Though there have been brief moments of kindness in this season of Baskets, “DJ Twins” features something a little different: A selfless act on the part of Chip to help cheer up his mother, even though unbeknownst to him she forced his wife to return to Paris. Near the end of the episode, Chip and Martha travel to a rave to convince Cody and Logan (Garry and Jason Clemmons), his adopted “DJ twin” brothers, to cheer up their mom after they abruptly left a family dinner; it’s an affecting moment not only because of Chip’s selflessness, but also because he admits that they can cheer her up in a way that neither he nor his obnoxious brother Dale ever could. “Sometimes you just don’t know how unhappy someone is,” says Christine after the twins leave before they can take a picture with their mom, all but admitting that the only thing that gives her any pride in life are her children. For all of his obliviousness, Chip recognizes this and thinks of someone other than himself, even if that means giving up his chance at winning the Mr. Rodeo competition and farting in the twins’ room out of frustration.

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It’s a shame that the rest of “DJ Twins” can’t live up to that touching scene, mostly because of the episode’s slack pacing and thematic repetitiveness. Reeling from Penelope’s departure, Chip decides to throw himself completely into a Mr. Rodeo competition at the behest of Eddie who is tired of seeing him drag his “sad sickness behind [him] like a turd on a string.” Just as he’s won over the Bakersfield crowd and about to impress some Mr. Rodeo scouts, his brother Dale informs him that Cody and Logan are coming to town, meaning that they’ll have to put up with their mother fawning over their accomplishments. Meanwhile, Christine eagerly gets dinner ready, making a cheeseburger pizza, renting a dining room table, and dolling herself up for the occasion, all the while Chip and Dale quietly stew in their respective bitterness.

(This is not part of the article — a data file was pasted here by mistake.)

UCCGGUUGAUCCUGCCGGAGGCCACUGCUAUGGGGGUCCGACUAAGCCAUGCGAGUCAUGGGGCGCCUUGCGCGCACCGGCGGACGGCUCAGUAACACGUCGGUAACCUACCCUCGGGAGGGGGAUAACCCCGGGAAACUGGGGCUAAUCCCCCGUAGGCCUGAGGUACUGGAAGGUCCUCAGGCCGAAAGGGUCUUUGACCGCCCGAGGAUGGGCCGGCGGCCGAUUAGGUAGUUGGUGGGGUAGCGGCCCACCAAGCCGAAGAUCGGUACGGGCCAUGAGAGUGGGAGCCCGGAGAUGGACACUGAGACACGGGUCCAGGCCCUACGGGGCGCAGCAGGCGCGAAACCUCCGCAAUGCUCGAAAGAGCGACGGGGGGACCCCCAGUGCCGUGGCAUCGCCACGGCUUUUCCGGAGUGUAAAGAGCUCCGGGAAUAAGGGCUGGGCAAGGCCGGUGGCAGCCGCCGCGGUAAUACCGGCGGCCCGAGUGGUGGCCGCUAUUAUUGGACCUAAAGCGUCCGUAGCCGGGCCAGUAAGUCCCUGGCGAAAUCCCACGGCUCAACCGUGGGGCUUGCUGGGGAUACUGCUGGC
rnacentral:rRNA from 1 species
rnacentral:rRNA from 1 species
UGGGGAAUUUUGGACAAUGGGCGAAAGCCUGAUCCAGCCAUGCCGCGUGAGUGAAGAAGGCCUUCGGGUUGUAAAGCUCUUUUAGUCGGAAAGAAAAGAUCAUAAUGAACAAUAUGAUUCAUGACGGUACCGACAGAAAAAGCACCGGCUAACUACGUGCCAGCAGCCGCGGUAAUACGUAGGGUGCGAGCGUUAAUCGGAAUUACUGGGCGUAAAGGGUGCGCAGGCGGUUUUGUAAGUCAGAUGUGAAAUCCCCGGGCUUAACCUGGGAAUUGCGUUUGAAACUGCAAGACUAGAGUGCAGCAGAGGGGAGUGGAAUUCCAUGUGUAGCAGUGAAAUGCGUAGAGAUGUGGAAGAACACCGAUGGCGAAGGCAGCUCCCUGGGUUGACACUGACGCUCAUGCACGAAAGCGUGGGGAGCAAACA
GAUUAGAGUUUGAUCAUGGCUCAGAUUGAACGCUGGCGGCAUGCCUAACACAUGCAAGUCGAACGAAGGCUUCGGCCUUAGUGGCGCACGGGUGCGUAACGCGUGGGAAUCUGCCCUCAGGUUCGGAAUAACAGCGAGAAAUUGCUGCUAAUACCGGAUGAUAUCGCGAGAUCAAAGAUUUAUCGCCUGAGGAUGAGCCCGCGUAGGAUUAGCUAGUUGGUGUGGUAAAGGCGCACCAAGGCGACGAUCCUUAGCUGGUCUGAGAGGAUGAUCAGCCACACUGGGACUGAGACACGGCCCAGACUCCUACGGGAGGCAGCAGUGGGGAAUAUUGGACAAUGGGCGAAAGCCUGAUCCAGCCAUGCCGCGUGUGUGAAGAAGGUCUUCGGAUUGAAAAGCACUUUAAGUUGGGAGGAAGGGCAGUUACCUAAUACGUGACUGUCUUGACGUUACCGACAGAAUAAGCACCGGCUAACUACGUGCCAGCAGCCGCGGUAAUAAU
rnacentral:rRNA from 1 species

There are some interesting ideas in the episode, like Dale’s obvious resentment towards his adopted brothers, or how Christine’s love for her children ultimately shields her from some harsh realities, but writer-director Jonathan Krisel treats these strands like window dressing instead of really exploring them. Krisel tries to neatly dovetail Chip’s rodeo rise with his family situation when both stories would be better served if they were tackled separately. Instead, the former is limited to a funny montage and the latter traffics in well-worn material that never really goes deeper than the surface. It’s the one episode of Baskets so far that really felt like it dragged.

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Besides the structural flaws, the repetitiveness is the episode’s main problem. Much of it takes place at Christine’s house as she fusses over the entire event before Cody and Logan arrive, and while it’s always nice to see Louie Anderson stretch his legs with the character, both the humor and the pathos of the situation eventually go in circles after a while. It’s not that Christine’s mothering isn’t worthy of exploration, but it’s that we’ve seen it tackled in the last two episodes much better and “DJ Twins” can’t help but pale in comparison.